The New York Slimes goes hysterical over the rape culture, from By Walt Bogdannichjuly, New York Slimes:
Reporting Rape, and Wishing She Hadn’t
How One College Handled a Sexual Assault Complaint
Not even into the body of the article, and the Slimes is off to a flying start. On one hand the Slimes says this incident was a rape and the other implies that is was not. Make up your mind.
GENEVA, N.Y. — She was 18 years old, a freshman, and had been on campus for just two weeks when one Saturday night last September her friends grew worried because she had been drinking and suddenly disappeared.
The drinking age in New York State is twenty-one. It seems that Hobart and William Smith Colleges have an problem with under age drinking, and not seem the least bit concerned about it.
Around midnight, the missing girl texted a friend, saying she was frightened by a student she had met that evening. “Idk what to do,” she wrote. “I’m scared.” When she did not answer a call, the friend began searching for her.
In the early-morning hours on the campus of Hobart and William Smith Colleges in central New York, the friend said, he found her — bent over a pool table as a football player appeared to be sexually assaulting her from behind in a darkened dance hall with six or seven people watching and laughing. Some had their cellphones out, apparently taking pictures, he said.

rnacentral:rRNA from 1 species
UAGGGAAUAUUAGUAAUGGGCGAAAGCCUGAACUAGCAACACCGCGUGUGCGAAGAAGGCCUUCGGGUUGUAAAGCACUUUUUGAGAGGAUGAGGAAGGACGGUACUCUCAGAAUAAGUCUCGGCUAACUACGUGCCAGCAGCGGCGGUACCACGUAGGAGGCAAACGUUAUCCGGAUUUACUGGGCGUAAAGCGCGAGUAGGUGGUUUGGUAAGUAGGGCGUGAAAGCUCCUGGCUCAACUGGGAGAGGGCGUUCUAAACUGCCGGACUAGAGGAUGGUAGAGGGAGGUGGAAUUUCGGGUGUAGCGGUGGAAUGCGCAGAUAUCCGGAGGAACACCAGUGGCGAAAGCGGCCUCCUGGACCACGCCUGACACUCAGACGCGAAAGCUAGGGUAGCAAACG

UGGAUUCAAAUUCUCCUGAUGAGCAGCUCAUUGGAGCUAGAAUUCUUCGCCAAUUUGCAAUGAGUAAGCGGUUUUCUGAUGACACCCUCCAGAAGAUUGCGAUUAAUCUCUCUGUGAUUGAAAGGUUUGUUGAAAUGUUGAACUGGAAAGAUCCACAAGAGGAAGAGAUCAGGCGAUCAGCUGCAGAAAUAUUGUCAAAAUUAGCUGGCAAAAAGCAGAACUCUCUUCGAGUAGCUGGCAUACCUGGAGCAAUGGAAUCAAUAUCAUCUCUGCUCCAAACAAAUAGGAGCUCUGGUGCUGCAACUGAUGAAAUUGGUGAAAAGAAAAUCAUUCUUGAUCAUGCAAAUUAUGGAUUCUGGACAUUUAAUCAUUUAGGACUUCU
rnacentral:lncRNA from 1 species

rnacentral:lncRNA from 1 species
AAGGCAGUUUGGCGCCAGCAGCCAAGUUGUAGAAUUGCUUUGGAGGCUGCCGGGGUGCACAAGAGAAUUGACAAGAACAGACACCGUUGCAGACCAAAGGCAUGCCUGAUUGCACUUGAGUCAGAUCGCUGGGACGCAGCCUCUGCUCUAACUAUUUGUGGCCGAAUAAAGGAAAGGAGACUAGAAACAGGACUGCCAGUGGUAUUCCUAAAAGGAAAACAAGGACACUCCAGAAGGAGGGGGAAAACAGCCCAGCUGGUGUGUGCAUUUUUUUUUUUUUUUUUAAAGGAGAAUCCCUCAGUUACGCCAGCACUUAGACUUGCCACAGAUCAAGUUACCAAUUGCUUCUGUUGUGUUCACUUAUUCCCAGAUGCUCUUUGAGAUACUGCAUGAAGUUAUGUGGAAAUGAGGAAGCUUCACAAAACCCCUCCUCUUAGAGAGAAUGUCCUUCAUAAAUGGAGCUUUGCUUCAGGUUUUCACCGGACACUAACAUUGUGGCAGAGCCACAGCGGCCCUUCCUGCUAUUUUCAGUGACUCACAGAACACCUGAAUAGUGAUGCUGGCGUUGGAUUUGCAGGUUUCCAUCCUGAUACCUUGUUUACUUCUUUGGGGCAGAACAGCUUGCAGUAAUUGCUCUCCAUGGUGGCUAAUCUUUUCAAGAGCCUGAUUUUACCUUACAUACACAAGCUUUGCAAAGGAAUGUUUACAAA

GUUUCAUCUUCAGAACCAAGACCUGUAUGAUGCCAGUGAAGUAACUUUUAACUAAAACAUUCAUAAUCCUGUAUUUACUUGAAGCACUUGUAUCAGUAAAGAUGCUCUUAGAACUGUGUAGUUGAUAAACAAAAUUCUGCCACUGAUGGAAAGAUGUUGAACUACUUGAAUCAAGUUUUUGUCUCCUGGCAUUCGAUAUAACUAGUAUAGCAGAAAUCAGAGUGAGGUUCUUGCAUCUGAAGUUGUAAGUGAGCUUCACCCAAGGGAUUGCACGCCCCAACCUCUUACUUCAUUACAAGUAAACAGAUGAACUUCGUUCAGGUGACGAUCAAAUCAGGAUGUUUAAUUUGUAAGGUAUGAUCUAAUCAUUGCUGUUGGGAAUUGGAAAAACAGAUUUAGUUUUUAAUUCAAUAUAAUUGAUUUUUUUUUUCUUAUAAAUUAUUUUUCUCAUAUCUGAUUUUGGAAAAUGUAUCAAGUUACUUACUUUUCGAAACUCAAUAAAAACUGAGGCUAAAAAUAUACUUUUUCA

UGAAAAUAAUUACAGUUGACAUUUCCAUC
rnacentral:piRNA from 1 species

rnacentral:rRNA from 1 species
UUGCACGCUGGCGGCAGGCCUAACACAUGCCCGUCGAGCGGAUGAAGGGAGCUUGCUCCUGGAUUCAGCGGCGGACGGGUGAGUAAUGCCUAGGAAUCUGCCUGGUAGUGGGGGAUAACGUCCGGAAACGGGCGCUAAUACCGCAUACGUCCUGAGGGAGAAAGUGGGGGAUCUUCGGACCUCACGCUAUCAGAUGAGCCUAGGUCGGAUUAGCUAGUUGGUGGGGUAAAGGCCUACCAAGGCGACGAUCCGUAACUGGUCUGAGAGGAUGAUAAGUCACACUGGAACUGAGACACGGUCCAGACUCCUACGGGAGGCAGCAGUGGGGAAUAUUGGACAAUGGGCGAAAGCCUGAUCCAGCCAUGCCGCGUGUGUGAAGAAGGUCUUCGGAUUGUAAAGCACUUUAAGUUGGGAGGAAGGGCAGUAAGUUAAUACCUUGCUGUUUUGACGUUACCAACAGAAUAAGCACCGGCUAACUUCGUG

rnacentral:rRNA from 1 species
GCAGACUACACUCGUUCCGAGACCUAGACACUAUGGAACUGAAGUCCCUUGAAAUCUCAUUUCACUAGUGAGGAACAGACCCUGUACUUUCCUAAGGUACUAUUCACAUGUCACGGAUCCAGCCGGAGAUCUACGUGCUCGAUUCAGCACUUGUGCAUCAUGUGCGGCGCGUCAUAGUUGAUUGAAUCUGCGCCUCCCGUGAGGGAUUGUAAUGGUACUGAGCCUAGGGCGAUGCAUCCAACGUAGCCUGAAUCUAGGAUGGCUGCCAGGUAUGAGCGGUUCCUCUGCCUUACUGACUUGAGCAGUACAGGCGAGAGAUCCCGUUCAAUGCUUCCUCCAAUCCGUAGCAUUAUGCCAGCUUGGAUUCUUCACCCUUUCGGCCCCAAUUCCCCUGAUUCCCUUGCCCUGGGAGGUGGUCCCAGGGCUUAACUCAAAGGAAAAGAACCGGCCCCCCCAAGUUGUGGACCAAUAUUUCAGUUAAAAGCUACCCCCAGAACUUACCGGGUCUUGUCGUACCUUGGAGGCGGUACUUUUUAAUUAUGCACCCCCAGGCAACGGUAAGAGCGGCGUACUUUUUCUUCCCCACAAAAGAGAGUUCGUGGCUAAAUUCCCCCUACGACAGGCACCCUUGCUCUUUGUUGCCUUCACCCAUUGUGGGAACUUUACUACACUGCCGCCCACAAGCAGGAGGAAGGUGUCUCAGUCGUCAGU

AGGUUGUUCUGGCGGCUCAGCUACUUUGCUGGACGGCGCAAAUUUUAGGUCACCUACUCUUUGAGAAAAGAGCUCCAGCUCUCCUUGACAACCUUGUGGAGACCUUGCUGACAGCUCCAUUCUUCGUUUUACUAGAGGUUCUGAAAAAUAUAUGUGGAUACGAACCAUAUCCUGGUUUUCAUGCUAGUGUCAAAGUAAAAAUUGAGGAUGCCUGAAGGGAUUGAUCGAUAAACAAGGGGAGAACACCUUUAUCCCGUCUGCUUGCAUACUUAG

A New York Times examination of the case, based in part on hundreds of pages of disciplinary proceedings — usually confidential under federal privacy laws — offers a rare look inside one school’s adjudication of a rape complaint amid a roiling national debate over how best to stop sexual assaults on campuses.
Whatever precisely happened that September night, the internal records, along with interviews with students, sexual-assault experts and college officials, depict a school ill prepared to evaluate an allegation so serious that, if proved in a court of law, would be a felony, with a likely prison sentence. As the case illustrates, school disciplinary panels are a world unto themselves, operating in secret with scant accountability and limited protections for the accuser or the accused.
The colleges’ records are confidential. However merely legality is not enough to deter Slimes from her never ending attempt to fabricate news.
College administrators have their own incentive to deal with such cases on campus, since a public prosecution could frighten parents, prospective students and donors. Until last year, Hobart and William Smith’s chief fund-raiser also helped oversee the school’s handling of sexual assaults. The two functions are now separate.
While the school explained to Anna that talking to the police was an important option, she said, she decided against it after a school administrator said it would be a longer, drawn-out process. When she changed her mind six months later, the district attorney, R. Michael Tantillo, said he had “virtually nothing to work with” and quickly closed the case.
Hobart and William Smith officials may not of wanted to pursue a legal remedy, alleged illegal incidents because they did not want to draw attention of the legal drinking on campus. The district attorney dropped the case due to lack of evidence, which maybe why the coed never pursued a criminal case in the first place. I, for one, suggest that Tantillo open an investigation to under age drinking on the Hobart and William Smith campus.